Documentary following NATO's commander in chief General Richards in Afghanistan as he assumes command over 12,000 American troops and 20,000 NATO soldiers on the frontline of the War on Terror.
With unprecedented access, the documentary charts the general's day to day life as he makes life and death decisions and negotiates the many diplomatic minefileds required to hold together a multi-national force from 37 countries. The general knows he has only the winter months to prove to the Afghan people that NATO can beat the Taleban and is on the side of the Afghan people.
The general warns of the dire international consequences of failure, admits that NATO has just a few months to avoid catastrophe and fires a warning shot to his replacement US Army General Dan McNeill to get over the perception that American forces are all about killing.
Directed by Olly Lambert, with veteran foreign correspondent Sam Kiley and narrated by Jason Isaacs.
Decent programme, though it annoyed the hell out of me that they didn't caption the HQ staff (nitpicking). TB clearly on full smarm mode in front of the camera and gets a big thumbs up from another general in two days (see the Blair programme on Kosovo, Sierra Leone et al last night). Would have liked to hear what they said in private...
Most interesting moment was the withdrawal of the Canadian team from PRT work to warfighting- nice piece of letting the event do the talking from the journalists.
And why did the Boche Comd have a British accent?!
I understand where you are coming from on this MB. However, remember that Gen Richards is/was commanding a multi-national force, so he will have so many different rules to play with. When in Rome, as the saying goes.
Good programme though and he came across quite well as a thoughtful person, but I did get the feeling that there was a huge amount of edit to show the good side involved.
Just a pity that fuckwit Bliar had to get his neb in.
You could really feel the frustration of some of those Canuks just 'cos they could not get a few spark plugs.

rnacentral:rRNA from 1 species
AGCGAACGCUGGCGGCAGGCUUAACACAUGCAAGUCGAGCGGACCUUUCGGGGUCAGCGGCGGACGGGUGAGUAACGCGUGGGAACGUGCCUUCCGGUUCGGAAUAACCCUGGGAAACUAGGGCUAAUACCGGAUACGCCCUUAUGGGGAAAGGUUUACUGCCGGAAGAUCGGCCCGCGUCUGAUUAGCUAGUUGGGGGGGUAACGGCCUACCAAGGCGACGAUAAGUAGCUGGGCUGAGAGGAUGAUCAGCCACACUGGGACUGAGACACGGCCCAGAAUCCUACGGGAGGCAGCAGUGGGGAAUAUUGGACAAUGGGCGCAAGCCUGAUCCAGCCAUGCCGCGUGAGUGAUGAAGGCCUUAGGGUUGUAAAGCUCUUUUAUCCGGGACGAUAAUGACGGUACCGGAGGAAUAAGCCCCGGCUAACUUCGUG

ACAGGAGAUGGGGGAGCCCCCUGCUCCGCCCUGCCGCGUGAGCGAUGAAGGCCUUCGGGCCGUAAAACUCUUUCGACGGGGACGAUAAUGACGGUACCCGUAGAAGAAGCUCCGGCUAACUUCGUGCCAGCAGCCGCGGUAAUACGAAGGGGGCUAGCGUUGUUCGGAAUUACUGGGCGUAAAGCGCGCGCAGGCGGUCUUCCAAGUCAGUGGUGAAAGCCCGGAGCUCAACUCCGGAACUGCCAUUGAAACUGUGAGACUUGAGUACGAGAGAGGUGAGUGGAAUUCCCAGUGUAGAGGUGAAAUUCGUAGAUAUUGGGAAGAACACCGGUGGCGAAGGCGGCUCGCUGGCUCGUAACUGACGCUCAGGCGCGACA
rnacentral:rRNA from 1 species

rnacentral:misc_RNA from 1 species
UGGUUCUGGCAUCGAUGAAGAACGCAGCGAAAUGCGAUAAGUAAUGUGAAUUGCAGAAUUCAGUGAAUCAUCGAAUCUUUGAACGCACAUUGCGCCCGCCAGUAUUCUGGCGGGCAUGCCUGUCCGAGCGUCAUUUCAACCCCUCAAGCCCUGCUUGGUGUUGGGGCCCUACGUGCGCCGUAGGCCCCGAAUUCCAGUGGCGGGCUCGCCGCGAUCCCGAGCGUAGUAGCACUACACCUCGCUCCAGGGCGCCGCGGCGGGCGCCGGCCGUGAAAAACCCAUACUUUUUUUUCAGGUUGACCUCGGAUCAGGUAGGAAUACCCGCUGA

A good programme, informative yet bloody annoying, how strange to see a squaddie removing the slightest of marks from the floors prior to the lying ba stard otherwise known as Blair arriving for a "good will visit".
I agree about the comment regarding the drinking though, the guys are slogging it out on the rough whilst the upper echelons discuss the merits of having run out of vintage champagne,
I have taped it, to watch tomorrow, but as far as alcohol was concerned, the HQ ISAF compound was a mare due to different national caveats. The 'guidance' from the Boss was 'be responsible', but practice ranged from US - "No alcohol, period" to the Germans - "Ve have our own Support Unit bar and ve'll do vat ve want". In a truly multinational enclosed community such as HQ ISAF, this whole area is a toughie, but thankfully the majority of time was 'alcoholically uneventful'.
Disagree re the lunchtime drinking - seems to me that a key part of the General's role here is smoothing ruffled feathers, keeping everyone on side & working together. It's the norm in Latin cultures to imbibe a little with your lunch, and it would have done nothing but insult the host units if Gen Richards had gone all po-faced on them re alcohol and declined their hospitality.